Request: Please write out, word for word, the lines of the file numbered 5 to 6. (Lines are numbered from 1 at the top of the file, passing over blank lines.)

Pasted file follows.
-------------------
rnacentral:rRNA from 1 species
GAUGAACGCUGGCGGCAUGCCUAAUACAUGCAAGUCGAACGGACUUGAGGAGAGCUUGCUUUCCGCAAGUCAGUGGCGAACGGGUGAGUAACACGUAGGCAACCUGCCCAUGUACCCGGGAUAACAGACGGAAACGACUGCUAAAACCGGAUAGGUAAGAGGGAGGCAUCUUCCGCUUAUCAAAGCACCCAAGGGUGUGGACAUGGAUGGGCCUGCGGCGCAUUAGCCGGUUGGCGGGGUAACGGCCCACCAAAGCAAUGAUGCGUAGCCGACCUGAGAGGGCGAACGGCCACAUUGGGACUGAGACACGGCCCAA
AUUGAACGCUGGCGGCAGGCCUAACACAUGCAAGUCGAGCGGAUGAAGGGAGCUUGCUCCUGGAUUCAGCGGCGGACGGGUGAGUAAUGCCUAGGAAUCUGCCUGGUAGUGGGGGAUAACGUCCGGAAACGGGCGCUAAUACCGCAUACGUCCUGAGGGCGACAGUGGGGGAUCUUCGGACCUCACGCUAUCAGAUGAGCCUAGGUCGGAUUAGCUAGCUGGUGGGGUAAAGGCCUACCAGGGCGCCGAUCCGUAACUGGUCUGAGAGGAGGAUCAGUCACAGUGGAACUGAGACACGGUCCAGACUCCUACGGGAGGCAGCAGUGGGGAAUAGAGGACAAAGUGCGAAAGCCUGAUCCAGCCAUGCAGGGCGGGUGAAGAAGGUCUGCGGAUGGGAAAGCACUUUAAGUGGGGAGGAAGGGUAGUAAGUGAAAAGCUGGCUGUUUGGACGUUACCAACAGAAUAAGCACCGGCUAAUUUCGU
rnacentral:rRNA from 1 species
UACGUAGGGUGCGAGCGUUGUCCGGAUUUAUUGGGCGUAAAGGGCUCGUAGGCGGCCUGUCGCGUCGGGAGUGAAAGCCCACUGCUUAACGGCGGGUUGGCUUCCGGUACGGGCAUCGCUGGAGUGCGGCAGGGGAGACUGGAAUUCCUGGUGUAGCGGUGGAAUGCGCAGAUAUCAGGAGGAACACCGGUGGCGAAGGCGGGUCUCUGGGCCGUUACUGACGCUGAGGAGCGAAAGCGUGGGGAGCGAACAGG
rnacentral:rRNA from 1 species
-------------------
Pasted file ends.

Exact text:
UACGUAGGGUGCGAGCGUUGUCCGGAUUUAUUGGGCGUAAAGGGCUCGUAGGCGGCCUGUCGCGUCGGGAGUGAAAGCCCACUGCUUAACGGCGGGUUGGCUUCCGGUACGGGCAUCGCUGGAGUGCGGCAGGGGAGACUGGAAUUCCUGGUGUAGCGGUGGAAUGCGCAGAUAUCAGGAGGAACACCGGUGGCGAAGGCGGGUCUCUGGGCCGUUACUGACGCUGAGGAGCGAAAGCGUGGGGAGCGAACAGG
rnacentral:rRNA from 1 species